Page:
Sadly, her story is far from unique. A UN High Commissioner for Human Rights report on Libya released in February 2016, found that killings and torture are being committed with impunity by “a multitude of actors – both state and non-state”.
HH was released a month later and knew she needed to leave the country if she was to survive. Along with a close relative she made her way to Croatia, but the trauma of what she had experienced made day to day life impossible. HH was referred to the International Rehabilitation Council for Torture Victims (IRCT) member centre Rehabilitation Center for Stress and Trauma (RCT) in Zagreb by the Red Cross.
When she arrived at the centre she was suffering from depression, insomnia, nightmares and a loss of appetite. She also struggled to form relationships with people as she felt like she couldn’t trust anyone. She had physical injuries as a result of the sexual assault but like many victims of sexual violence, refused to speak about what she had experienced.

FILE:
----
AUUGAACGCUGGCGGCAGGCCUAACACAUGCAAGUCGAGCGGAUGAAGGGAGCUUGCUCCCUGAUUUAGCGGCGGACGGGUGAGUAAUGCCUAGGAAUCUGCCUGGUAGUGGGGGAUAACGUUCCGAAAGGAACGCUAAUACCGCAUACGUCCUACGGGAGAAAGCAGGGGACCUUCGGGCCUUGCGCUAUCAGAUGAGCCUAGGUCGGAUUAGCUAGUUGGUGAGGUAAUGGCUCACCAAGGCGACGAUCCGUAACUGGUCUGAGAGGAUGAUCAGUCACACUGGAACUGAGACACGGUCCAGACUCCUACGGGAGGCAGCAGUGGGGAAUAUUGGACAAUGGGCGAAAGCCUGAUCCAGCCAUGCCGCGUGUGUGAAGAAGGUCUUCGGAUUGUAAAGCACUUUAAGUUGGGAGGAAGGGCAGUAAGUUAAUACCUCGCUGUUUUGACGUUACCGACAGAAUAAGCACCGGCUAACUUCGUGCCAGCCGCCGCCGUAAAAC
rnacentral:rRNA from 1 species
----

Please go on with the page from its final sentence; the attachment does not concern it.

RCT Zagreb provided social, medical, psychiatric and psychological support to both HH and her relative – also a victim of torture. The centre found accommodation for both of them and staff worked hard to establish trust so they could start the treatment and help HH integrate in Croatia. She was enrolled in a language course and received help to search for a job.
Through her therapy she began to deal with her grief at losing her family and the promising future she once had in Libya, where she was an ambitious student. A year and a half later and thanks to the work of the RCT Zagreb staff life had become more manageable for HH. She left Croatia in 2016, hoping to find a better future in Germany.
While HH escaped the violence and left her life in Libya behind, an article in The Guardian suggests that many people are losing hope in the country. In the article, which was written around the time of the five-year-anniversary, one student who supported the revolution said, “Some people say they want to go back to the time of Gaddafi. I don’t. Where I want to go is out, out of the country.”
Once again creativity played a big role in marking this year’s 26 June campaign, as organisations around the globe showcased the resilience of caregivers, survivors and their families and communities through a variety of creative events and activities.